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volatile stock chart (From photos.com) (oxign)
volatile stock chart (From photos.com) (oxign)

Earlier Discussion

Q&A: How to invest for the long term in a volatile market Add to ...

Bruce: I am looking to invest in dividend paying stock to start building other income for retirement (in 10 years) Where can a person get the best research on Canadian stocks and should I set up a DRIP for now and change to paying cash later in retirement years?

Joel Clark, KJH: I'm not sure where the best research is - very stock specific and sector specific plus we rely on our own research as the street tends to be quite biased. Re-investing dividends is a smart strategy.

Mark Iradian: I just got a new job and plan on getting a home with 3 or 4 years. I'm under 30 years old, so I understand I have a lot time under my belt. What type of asset mix should I be aiming for asset growth?

Joel Clark, KJH: If your savings is for the equity in your new home then keep in near cash, as that will ensure it is there when you need it. if it is in your rrsp I would take a more balanced and long-term approach.

Grant: Your outlook for Global Real Estate for a long term investment?

Joel Clark, KJH: If you mean in the private market then its hard because successful real estate investing requires good local knowledge - obviously the US is an interesting area given in some states prices are down 50% so represent good value. hard to make a general statement about global real estate.

Guest: What do you think with investment portfolio of 60% in financial stocks (common and pref) with 20-30 years horizon?

Joel Clark, KJH: Without knowing your entire personal details and the financial stocks you are referring to I’d say that’s aggressive. I think the prefs are quite over valued.

Guest: I manage my 79 year old father's RRIF. He only has about $71 000 left in the account, so don't want to be too risky. Have him $20 000 in BMO monthly income fund and mixture of ETFs, including $20 000 in monthly income ETFS (ZMI, XTR), $10 000 in short corporate bond ETFs, $3400 in Cdn preferred shares ETF, $3 000 in horizons enhanced income ETFs (HEX and HES.UN) Given your comments about interest rates and bonds in future, am I still okay with my dad's asset allocation?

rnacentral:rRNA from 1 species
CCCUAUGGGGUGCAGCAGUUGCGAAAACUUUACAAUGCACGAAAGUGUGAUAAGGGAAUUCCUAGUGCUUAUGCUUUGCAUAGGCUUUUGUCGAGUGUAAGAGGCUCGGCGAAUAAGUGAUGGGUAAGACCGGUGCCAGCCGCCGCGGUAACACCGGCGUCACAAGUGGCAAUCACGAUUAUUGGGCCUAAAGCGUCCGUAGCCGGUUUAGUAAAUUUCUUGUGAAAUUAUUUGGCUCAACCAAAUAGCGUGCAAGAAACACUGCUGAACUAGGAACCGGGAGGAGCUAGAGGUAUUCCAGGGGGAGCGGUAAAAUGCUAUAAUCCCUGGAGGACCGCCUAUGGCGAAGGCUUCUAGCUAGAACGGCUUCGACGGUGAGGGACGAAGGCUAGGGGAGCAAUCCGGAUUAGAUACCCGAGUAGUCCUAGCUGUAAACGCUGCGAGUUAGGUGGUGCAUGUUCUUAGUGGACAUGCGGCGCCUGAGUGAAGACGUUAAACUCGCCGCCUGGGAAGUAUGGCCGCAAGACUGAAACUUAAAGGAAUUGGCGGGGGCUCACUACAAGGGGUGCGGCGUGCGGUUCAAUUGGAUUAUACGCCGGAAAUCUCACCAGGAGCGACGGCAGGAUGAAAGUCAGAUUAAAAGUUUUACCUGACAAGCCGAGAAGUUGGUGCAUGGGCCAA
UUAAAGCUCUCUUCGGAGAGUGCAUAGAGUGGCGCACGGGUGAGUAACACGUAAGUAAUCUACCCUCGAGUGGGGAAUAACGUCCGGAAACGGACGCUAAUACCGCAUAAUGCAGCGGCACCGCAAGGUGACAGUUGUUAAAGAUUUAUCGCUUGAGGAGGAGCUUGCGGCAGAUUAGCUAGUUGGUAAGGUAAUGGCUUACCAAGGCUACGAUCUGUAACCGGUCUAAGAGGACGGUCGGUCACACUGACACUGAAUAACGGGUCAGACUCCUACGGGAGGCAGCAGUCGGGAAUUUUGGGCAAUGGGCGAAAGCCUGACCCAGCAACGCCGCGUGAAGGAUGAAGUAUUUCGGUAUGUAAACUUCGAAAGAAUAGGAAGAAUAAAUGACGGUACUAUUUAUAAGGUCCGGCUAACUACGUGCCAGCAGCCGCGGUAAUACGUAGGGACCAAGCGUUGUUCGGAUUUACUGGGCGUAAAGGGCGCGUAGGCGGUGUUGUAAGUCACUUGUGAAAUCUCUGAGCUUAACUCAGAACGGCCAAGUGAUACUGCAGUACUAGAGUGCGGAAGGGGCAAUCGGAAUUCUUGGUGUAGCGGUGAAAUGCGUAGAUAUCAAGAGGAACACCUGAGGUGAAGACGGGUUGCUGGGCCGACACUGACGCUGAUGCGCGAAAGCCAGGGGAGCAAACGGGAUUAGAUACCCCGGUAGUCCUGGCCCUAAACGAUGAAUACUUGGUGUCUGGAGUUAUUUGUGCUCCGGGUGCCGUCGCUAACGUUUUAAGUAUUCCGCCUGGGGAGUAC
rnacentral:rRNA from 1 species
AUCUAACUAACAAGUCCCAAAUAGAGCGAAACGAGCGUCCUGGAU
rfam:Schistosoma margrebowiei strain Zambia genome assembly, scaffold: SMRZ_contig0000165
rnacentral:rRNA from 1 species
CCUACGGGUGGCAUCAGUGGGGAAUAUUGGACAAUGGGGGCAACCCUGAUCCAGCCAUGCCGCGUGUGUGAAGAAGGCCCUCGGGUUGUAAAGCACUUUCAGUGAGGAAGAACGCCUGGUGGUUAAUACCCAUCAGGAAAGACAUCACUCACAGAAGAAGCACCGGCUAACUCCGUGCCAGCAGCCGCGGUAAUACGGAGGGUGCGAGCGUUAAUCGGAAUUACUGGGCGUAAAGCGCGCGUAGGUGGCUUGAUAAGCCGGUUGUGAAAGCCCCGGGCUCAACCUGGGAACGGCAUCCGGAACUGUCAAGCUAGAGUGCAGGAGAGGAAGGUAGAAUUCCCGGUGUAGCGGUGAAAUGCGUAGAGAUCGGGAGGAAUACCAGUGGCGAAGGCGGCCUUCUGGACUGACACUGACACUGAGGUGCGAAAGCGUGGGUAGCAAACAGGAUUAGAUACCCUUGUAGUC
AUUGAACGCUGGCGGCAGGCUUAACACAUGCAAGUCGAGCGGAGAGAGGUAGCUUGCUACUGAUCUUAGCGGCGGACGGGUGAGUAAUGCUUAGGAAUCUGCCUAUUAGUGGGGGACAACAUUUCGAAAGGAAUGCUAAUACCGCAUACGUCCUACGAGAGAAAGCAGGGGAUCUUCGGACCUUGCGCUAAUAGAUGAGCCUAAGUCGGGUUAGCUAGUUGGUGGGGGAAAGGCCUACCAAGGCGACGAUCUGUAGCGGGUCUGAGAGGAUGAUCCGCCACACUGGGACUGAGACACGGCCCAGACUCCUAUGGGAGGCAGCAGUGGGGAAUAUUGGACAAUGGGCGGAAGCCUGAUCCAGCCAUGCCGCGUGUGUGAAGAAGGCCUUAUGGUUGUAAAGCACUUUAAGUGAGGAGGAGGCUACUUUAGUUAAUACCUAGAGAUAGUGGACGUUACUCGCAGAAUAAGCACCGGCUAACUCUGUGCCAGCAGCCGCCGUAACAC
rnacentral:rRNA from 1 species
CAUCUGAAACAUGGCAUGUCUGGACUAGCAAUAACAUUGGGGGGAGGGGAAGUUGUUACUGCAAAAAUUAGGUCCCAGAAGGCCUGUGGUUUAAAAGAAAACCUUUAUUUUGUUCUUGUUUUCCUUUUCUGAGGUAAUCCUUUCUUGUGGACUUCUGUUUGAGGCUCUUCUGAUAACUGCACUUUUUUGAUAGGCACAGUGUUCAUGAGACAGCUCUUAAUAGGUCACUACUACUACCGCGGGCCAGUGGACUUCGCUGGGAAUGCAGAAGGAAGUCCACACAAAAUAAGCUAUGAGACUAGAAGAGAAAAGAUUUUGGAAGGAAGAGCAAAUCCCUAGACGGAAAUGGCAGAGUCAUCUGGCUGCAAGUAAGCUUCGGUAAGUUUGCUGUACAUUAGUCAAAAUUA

Joel Clark, KJH: Not knowing his drawn-down rate, it's tough. Given his age historically that’s the right allocation probably but you might experience some mark to market volatility in those bonds funds. owning direct bonds that have a maturity payment would be safer.

Myra: I just sold $20,000 of my position in the MSCI ETF at a loss of 10%. Do you think this was a wise move considering the on going volatility of the markets and the European debt crisis? I'm not sure what to do with that U.S. cash now. Any suggestions?

Joel Clark, KJH: Hard to answer not knowing your full picture - the economic issues and volatility will be with us for quite some time so if its unsettling to you then keep it conservative.

Gordon: Is it too late to invest in utilities and REITS generally ? Are they fully valued ?

Joel Clark, KJH: They are more fully valued then less - so risk-reward isn't so favourable.

Grant: Your views on annuities?

Joel Clark, KJH: Extremely over-valued, given buying them at 30-year low in interest rates.

Chris: Can you explain how preferred shares will react, generally speaking, in a rising interest rate environment?

Joel Clark, KJH: If they are perpetual preferreds then they will go down as they are effectively a bond without a maturity - in a rising interest rate environment they are the most risky thing one could own.

Mike: What approach to performing detailed due diligence on company executives/senior level management can you recommend?

Joel Clark, KJH: I would start with searching the internet for news but on a more granular basis would talk to industry folk who would have a sense of reputation and competence.

Ggg: You say bonds are a bad move right now. What about a bond mutual fund?

Joel Clark, KJH: Even worse, as no effective maturity - act like a perpetual bond.

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